We are thrilled to be able to share with you some of the work that the InSTEDD iLab Latin America has been doing to help empower young Brazilians living in the favelas of Rio de Janeiro, to reduce the social and environmental risk factors in their communities. We’ve partnered with UNICEF, MIT and the Brazilian NGO CEDAPS, on a digital mapping project that allows the youth to create digital maps of their communities and then interact with that map by publicly tagging the issues they see. This cutting-edge mapping platform enables real-time data collection through web and mobile applications.
InSTEDD was thrilled to be involved in a project that had the potential to use innovative communication technologies to create positive social impact, while offering a promising perspective for growth, scale and replication elsewhere.
The story begins in five favelas in Rio de Janeiro, Brazil.
A “favela” is the Brazilian equivalent of a slum. Usually they are an expansion, or more accurately, an overflow, of the city they border. According to the census data, around 6% of Brazilians, or 11.4 million people live in favelas. These communities are irregular settlements that usually lack access to basic services such as running water and electricity. Due to the lack of services and non existent city planning, the favelas are often overcrowded, polluted and unsanitary places to live. In addition, disease, infant mortality and crime rates are the highest in the country.
The burdens the people living in the favelas are compounded by the fact that the favelas are often near mountains and located just above sea level, making these communities that much more at risk for both disasters and socio-environmental risks, such as climate change related floods, landslides and natural disasters.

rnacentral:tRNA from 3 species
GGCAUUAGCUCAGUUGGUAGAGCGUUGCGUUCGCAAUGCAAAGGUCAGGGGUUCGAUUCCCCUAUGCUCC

COLLABORATING WITH UNICEF, MIT AND CEDAPS
This project was born from a youth-led UNICEF initiative that was focused on digitally mapping environmental risk factors in the favelas of Rio de Janeiro. By the time the iLab Latin America became involved, UNICEF had already begun to work with CEDAPS, an organization with experience and strong relationships in the favelas. On the technical side, MIT had provided the technological platform for surveying, monitoring and mapping.
We began implementing the project by conducting a series of workshops with young people from each of the favelas: Morro dos Prazeras, Morro dos Macacos, Morro do Borrel and Morro dos Uburus. The fifth workshop will be held in Rocinha.
In these workshops, the young people were trained on:
- how to use the MIT developed Android application
- what a risk factor is and how to be on the look out for them
- the overall importance of this type of project
THE PROJECT: Rio Youth Mapping Project
The main idea behind this project was to create a simple, low cost way to allow the youth living in the favelas to digitally map the socio-environmental risk factors that threatened their communities. We needed to do it in a way that would be publicly visIble so that the government and the public could be aware and respond.